Dismiss Notice
Join Physics Forums Today!
The friendliest, high quality science and math community on the planet! Everyone who loves science is here!

I Maximal Ideals and the Correspondence Theorem for Rings

  1. Aug 31, 2016 #1
    I am reading Joseph J. Rotman's book: Advanced Modern Algebra (AMA) and I am currently focused on Section 5.1 Prime Ideals and Maximal Ideals ...

    I need some help with understanding the proof of Proposition 5.9 ... ...


    Proposition 5.9 reads as follows:


    ?temp_hash=a8c6b30ae57a4ffe62159d453fb0011e.png


    In the proof of Proposition 5.9, Rotman writes:

    " ... ... The Correspondence Theorem for Rings shows that ##I## is a maximal ideal if and only if ##R/I## has no ideals other than ##(0)## and ##R/I## itself ... ... "

    My question is: how exactly (in clear and simple terms) does Rotman's statement of the Correspondence Theorem for Rings lead to the statement that "##I## is a maximal ideal if and only if ##R/I## has no ideals other than ##(0)## and ##R/I## itself" ... ...

    Hope that someone can help ...

    Peter

    ============================================================

    The above post refers to Rotman's statement of the Correspondence Theorem for Rings, so I am providing a statement of that theorem and its proof, as follows:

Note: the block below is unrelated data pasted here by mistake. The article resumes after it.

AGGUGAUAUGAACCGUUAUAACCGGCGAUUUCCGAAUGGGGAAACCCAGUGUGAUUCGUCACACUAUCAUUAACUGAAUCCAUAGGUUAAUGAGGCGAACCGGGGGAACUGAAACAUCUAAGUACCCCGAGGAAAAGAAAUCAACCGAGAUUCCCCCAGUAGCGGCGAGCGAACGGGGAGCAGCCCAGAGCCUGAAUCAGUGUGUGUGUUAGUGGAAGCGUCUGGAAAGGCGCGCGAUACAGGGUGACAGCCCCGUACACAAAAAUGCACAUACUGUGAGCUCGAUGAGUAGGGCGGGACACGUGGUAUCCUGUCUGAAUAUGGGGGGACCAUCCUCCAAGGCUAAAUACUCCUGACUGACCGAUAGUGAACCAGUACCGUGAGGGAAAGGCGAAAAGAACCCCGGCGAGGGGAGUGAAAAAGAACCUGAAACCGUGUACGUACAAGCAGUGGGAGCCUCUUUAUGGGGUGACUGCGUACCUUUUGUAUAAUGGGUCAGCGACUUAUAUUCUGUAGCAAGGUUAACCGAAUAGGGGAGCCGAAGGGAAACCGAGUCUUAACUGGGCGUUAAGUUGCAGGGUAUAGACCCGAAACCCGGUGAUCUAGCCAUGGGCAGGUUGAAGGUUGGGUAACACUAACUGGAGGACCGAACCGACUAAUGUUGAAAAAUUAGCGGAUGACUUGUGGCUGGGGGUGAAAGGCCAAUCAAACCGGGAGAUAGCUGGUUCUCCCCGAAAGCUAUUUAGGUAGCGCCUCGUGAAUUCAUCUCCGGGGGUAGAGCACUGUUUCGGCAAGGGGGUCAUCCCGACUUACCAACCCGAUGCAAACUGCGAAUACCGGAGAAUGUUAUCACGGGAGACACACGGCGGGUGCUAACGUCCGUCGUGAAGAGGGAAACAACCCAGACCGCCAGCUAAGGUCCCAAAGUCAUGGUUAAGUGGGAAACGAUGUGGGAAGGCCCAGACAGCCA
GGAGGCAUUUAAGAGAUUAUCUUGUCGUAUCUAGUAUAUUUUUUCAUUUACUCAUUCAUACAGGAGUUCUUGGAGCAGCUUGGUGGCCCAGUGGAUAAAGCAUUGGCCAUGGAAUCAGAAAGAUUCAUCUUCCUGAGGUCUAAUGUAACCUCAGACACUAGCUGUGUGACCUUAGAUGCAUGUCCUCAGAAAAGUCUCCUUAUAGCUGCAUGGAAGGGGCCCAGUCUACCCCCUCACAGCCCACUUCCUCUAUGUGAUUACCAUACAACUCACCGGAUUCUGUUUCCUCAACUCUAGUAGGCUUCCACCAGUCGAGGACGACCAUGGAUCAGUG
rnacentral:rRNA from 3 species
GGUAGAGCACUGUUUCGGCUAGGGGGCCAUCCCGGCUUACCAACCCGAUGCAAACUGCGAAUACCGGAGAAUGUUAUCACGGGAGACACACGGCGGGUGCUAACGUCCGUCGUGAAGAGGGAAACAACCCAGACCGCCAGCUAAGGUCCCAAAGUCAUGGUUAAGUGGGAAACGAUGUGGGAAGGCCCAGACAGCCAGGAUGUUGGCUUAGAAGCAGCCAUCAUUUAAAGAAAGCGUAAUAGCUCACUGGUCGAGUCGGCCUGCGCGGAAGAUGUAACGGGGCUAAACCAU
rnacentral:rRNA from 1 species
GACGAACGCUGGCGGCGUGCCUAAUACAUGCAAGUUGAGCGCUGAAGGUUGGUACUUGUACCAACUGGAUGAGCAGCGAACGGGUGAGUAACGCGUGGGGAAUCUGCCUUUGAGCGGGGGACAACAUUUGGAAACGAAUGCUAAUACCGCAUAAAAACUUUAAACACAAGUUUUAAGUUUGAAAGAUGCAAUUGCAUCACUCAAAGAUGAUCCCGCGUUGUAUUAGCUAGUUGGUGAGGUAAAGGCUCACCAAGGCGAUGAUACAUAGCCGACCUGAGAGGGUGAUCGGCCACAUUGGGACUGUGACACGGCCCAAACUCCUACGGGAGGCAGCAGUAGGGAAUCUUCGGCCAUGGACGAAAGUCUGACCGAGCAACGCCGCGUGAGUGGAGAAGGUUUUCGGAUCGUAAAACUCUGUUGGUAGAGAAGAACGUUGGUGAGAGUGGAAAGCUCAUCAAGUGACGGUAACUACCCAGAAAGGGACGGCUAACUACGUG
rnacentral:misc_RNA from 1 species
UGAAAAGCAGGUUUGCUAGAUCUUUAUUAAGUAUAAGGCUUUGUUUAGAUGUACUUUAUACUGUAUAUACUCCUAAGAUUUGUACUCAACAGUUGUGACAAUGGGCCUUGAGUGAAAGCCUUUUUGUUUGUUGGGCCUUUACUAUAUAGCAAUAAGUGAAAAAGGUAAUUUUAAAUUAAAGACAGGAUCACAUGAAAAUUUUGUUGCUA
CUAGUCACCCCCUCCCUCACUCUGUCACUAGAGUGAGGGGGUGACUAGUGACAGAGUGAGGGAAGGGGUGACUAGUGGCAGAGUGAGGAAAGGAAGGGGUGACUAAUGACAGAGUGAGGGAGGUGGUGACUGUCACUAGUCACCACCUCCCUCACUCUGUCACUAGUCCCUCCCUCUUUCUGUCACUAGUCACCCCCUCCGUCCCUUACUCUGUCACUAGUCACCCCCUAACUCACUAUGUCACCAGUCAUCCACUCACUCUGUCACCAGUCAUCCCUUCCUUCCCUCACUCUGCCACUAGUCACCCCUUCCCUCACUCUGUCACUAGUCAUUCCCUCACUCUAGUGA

?temp_hash=a8c6b30ae57a4ffe62159d453fb0011e.png
     
  2. jcsd
  3. Aug 31, 2016 #2
    Maybe I should not be responding to my own post but I have been reflecting on the question in the above post and now suspect that the answer is quite simple and goes along the lines ... ... as follows:

    ##I## maximal

    ##\Longrightarrow## there are no ideals in ##R## that contain ##I## except ##R## itself ...

    ##\Longrightarrow## there are no ideals in ##R/I## (except ##R/I##) since there exists a bijection between the set of ideals of ##R/I## and the ideals of ##R## containing ##I## ... ...

    BUT ... it seems that the only ideal in ##R/I## is ##R/I## itself ... but how do we explain the existence of (0) ...

    Seems that I still need some help ... ...

    Peter
     
  4. Aug 31, 2016 #3

    fresh_42

    Staff: Mentor

    ... and ##I##.

    ... and ##I/I##

    ... and ##I/I##
    We do by identifying ##I/I = (0)##.

    You could also assume an ideal ##\overline{J}= J+I## in ##R/I##. Since ##\overline{0} = 0+I \in \overline{J}##, this means ##I \subseteq J## which means by maximality of ##I## that ##J \in \{I\,,\,R\}##.
    And this holds the other way round, too.
     
    Last edited: Aug 31, 2016
  5. Aug 31, 2016 #4
    Thanks for the help fresh_42 ...

    Just reflecting on what you have said ...

    Peter
     
Know someone interested in this topic? Share this thread via Reddit, Google+, Twitter, or Facebook

Have something to add?
Draft saved Draft deleted



Similar Discussions: Maximal Ideals and the Correspondence Theorem for Rings
  1. Ideals in Rings (Replies: 2)

Loading...